New Job-Creation Plan Targets Small Businesses

December 9, 2009

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In an effort to help remedy the nation's unemployment situation, the Obama administration yesterday unveiled a new plan to stimulate job growth, with a focus on supporting small business hiring and funding additional infrastructure projects.

Although the rate of job losses continues to slow, the United States economy is not yet generating enough new jobs to stabilize the employment market. In response to the challenging employment conditions, the Obama administration on Tuesday outlined a new set of initiatives intended to boost job creation through incentives, tax breaks, new work projects and a redeployment of economic stimulus funds.

In a speech given at the Brookings Institution yesterday, President Obama announced the details of a new job creation program built largely around the $787 billion economic stimulus package passed earlier this year. Based on the results of a high-profile "job summit," the new plan will target small businesses through credit allowances and implement a new round of infrastructure development.

The unemployment rate unexpectedly fell last month, from 10.2 percent to 10 percent, and the pace of job losses also declined. Unemployment nonetheless remains high and the job market remains unsteady as the number of new positions created was still outweighed by the number of jobs shed.

"[E]ven though we have reduced the deluge of job losses to a relative trickle, we are not yet creating jobs at a pace to help all those families who have been swept up in the flood. There are more than 7 million fewer Americans with jobs today than when this recession began. That's a staggering figure," Obama said. "And it speaks to an urgent need to accelerate job growth in the short term while laying a new foundation for lasting economic growth."

The new initiative entails wholly eliminating capital gains taxes on small business investment, extending write-offs to encourage business expansion and introducing a tax credit to reward companies for hiring new workers. Much of the effort will be exerted through assistance to the Small Business Administration (SBA), as the government plans to waive fees and increase guarantees for SBA-backed loans.

In addition, as the Troubled Asset Relief Program (TARP) is expected to come in at $200 billion below its initial projected cost, some of the savings will be applied to increase SBA lending to small businesses and to unlock frozen credit that has hindered small and medium-sized business growth, the Washington Post reports.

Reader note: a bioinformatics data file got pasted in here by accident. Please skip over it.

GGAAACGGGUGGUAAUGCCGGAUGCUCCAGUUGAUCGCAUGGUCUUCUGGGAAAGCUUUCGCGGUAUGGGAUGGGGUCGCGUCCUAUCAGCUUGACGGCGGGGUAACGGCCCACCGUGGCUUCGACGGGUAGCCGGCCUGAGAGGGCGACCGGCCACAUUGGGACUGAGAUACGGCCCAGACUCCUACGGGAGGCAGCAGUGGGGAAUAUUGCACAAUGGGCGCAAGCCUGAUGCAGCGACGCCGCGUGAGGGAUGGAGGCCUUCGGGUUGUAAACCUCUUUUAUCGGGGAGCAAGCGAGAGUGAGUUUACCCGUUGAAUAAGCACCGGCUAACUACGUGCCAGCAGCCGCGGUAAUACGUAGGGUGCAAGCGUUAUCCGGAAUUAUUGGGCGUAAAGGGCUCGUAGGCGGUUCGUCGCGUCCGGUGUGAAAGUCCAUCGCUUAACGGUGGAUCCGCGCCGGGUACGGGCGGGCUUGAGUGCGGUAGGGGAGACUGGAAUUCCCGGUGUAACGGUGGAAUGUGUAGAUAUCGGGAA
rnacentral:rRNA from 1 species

Other highlights from the new program include an additional investment in infrastructure spending, which will total $50 billion according to the Wall Street Journal, to invest more in the country's roads, bridges, airports, water systems and communication networks while also generating new jobs within the industrial sector. Initiatives for promoting energy efficiency and creating more clean-energy jobs were also announced.

"Small business, infrastructure, clean energy: these are areas in which we can put Americans to work while putting our nation on a sturdier economic footing," the President said.

"Small business groups are happy about the help, but at the same time they worry that a host of Obama's signature policies could more than offset them," Forbes says, citing health care reform, yesterday's move by the Environmental Protection Agency to regulate greenhouse gases under the Clean Air Act and "longstanding concerns" that "lawmakers will counter the expiration of the Bush-era tax cuts with a broad range of tax increases."

Moreover, critics of the new proposal claim it will function like a smaller, less-effective stimulus plan or extend some of the measures of the previous one without addressing more fundamental economic problems. For example, a separate Forbes report says that although a portion of the leftover or returned TARP funds will be applied to paying down the budget deficit, it is unlikely to make a major dent in the trillion-dollar plus shortfall.

The tax credit to reward companies for hiring new employees is also generating debate because it may provide a temporary boost to payrolls without producing sustainable long-term gains in job creation, which typically depends on demand.

"If you're just going out to hire someone just for a tax credit, what kind of job will you put them in that has any longevity to it?" Ralph Braun, chief executive of transportation equipment firm Braun Corp., told the Journal. "You have to have a customer for that employee to serve — so I'm confused how a tax credit would stimulate anything."


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An Address on Jobs and the Economy by President Barack Obama The Brookings Institution, Dec. 9, 2009

Obama Lays Out Strategy for Jobs by Michael A. Fletcher The Washington Post, Dec. 9, 2009

Obama Pushes New Job Stimulus by Jonathan Weisman The Wall Street Journal, Dec. 9, 2009

Obama's Small Business Conundrum Brian Wingfield Forbes, Dec. 08, 2009

Obama Not Cutting It on the Economy by Dan Gerstein Forbes, Dec. 9, 2009

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